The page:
CBP Air and Marine Operations Initiate Joint Effort, Seize Over 700 Kgs. of Cocaine

JACKSONVILLE, Fla.— A CBP Air and Marine Operations (AMO) P-3 crew assigned to the National Air Security Operations Center-Jacksonville, was conducting maritime patrols when they located and tracked a panga-style vessel in the Eastern Pacific on Sunday, Feb. 17.

The AMO P-3 crew maintained the initial radar contact of the surface target of interest (STOI), a 35-foot long panga with two outboard engines.  The vessel was visibly riding low in the water although only three individuals could be seen onboard.

A Navy alert P-8 was launched to assist the U.S. Coast Guard (USCG) with the interdiction the following day.

USCG interdicted the panga and conducted a search for contraband.  Three people claiming Ecuadorian nationality were detained and 719 kgs. of cocaine were seized.

The National Air Security Operations Center-Jacksonville forms half of the P-3 operations wing. With its partner center in Corpus Christi, Texas, Jacksonville operates P-3 aircraft throughout North and South America in defense of the borders of the United States and in active prosecution of attempts to smuggle persons or contraband. The center is an active partner with FEMA, the U.S. Department of Energy and NORAD in times of national crisis such as Hurricane Harvey or post-9/11.

AMO is a federal law enforcement organization dedicated to serving and protecting the American people through advanced aeronautical and maritime capabilities. AMO interdicts unlawful people and cargo approaching U.S. borders, investigates criminal networks and provides domain awareness in the air and maritime environments, and responds to contingencies and national taskings. With approximately 1,800 federal agents and mission support personnel, 240 aircraft and 300 marine vessels operating throughout the United States, Puerto Rico, and U.S. Virgin Islands, AMO serves as the nation’s experts in airborne and maritime law enforcement.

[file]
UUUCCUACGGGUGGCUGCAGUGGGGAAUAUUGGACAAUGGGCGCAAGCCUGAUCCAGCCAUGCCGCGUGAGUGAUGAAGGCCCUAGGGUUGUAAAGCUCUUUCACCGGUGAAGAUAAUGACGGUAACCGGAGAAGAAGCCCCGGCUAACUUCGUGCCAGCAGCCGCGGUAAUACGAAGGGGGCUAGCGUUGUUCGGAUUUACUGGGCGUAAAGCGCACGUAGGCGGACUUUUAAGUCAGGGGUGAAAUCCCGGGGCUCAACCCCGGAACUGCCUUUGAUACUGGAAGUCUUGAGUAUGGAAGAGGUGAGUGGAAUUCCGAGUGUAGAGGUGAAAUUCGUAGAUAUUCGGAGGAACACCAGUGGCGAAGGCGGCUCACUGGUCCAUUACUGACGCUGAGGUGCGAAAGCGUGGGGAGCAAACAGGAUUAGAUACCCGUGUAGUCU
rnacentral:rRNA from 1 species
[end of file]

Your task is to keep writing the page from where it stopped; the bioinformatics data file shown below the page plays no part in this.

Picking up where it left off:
In Fiscal Year 2017, AMO enforcement actions resulted in the approximate seizure or disruption of 269,790 pounds of cocaine, 384,230 pounds of marijuana, 5,721 pounds of methamphetamine, 1,089 weapons, and $26.1 million; 2,573 arrests; and 37,009 apprehensions of illegal aliens.

‘This Country Has Gone To Hell’: Mass Looting Plagues Venezuela Amid Power Crisis

Desperate looters have all but emptied stores and warehouses across western Venezuela as large parts of the country remain without power more than a week after a mass blackout.

The mobs overwhelmed Venezuela’s security forces, breaking into buildings and stealing cars, trucks and equipment. Hundreds of businesses in the Venezuelan oil capital of Maracaibo were emptied and left in shambles.